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Doing Their Home Work

While much of the national conversation around COVID-19 has centered around how prepared the government and healthcare sector are to deal with the pandemic, another sector has been asking itself similar preparedness questions.

That would be IT firms, especially those who handle the networks of business clients at a time when companies are sending employees home en masse — not to take time off, but to work remotely.

“We took the initiative on this last week,” said Jon Borges, president of JBit Solutions in Westfield. “Even if we had clients who did not have remote users, we went to all our clients and prepped them ahead of time with instructions: ‘if you do choose this, here’s what you need to do with their home PC, here’s what to do with your work PC.’ We support 600 to 800 desktops, so we have to get ready for this.”

Sean Hogan

Sean Hogan

Sean Hogan, president of Hogan Technology in Easthampton, has been similarly proactive, staying in regular contact with clients as the COVID-19 threat emerged. When the Centers for Disease Control and Prevention recommended avoiding gatherings of 50 of more people on Sunday — and President Trump topped that by discouraging groups of more than 10 the following day — businesses really got serious about keeping their workers away.

“When they gave that mandate, that changed everything. Companies have to give employees the ability to work remotely,” Hogan said — and he feels good about how his clients are taking on the challenge. “My IT team is cranking. I feel pretty good about it. We feel prepared, no panic at all, and we’re communicating constantly with our clients.”

He explained that cloud-voice and managed-IT clients are already configured to work successfully and securely from any remote location. “I also reached out to my other clients that are still operating in an on-premise platform. There are options for remote connectivity, but they do not have the flexibility of our cloud. The good news is that we can spin up our cloud instances very fast for our clients.”

Most of Hogan’s clients have already been migrated to Microsoft Office 365, which allows them to work seamlessly from home, collaborate, and have built-in videoconferencing, he added. “And we are offering webinars to help our clients embrace working remotely.”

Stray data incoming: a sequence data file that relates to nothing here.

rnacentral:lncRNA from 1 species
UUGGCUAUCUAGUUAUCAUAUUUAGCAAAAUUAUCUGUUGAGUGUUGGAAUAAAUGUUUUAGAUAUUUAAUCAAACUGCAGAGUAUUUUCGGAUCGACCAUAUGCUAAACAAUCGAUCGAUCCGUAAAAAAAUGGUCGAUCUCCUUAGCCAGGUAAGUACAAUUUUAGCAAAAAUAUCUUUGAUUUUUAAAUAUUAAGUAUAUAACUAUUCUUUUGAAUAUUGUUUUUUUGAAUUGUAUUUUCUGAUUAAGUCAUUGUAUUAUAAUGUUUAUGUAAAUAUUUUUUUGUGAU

In short, he and Borges, and plenty of others in the Pioneer Valley, are helping businesses of all kinds adjust to a new normal — one that, right now, offers no real timeline for when the old normal will return.

Hogan’s preparations for a week like this didn’t begin recently.

“Maybe we had a premonition,” he joked, “but we started moving clients to the cloud almost 10 years ago when nobody wanted to be in the cloud — when there was this fear factor, fear of the great unknown. But I’ve shifted my entire voice base to the cloud over the past eight years. The beauty is in explaining to clients what they have already. They don’t need to reinvent the wheel. They have the software in place for all their people to work remotely. They just have to remember how to do it.”

That, of course, is where the training, webinars, and other forms of communication come in.

“We were out there early on — we were an early adopter in this industry to promote cloud voice,” he added. “Why invest in equipment you have to be rotating every few years because it becomes obsolete? We’ve been on a quest to have zero obsolescence.”

Borges said many of his firm’s clients already have employees who work at least occasionally from home, so they have access, even if it might not be implemented throughout the whole company.

“Most clients are in networks of 10 users or more, and in those networks, firewalls act as a VPN [virtual private network],” he explained. “As long as they have that, it’s just a matter of how many licenses they need. To be honest, most of our holdup is just talking to clients and making sure what users should have access and make sure they have enough licenses. If we need to make an order, our vendors are getting bombarded, so it’s taking two or three days to come through.”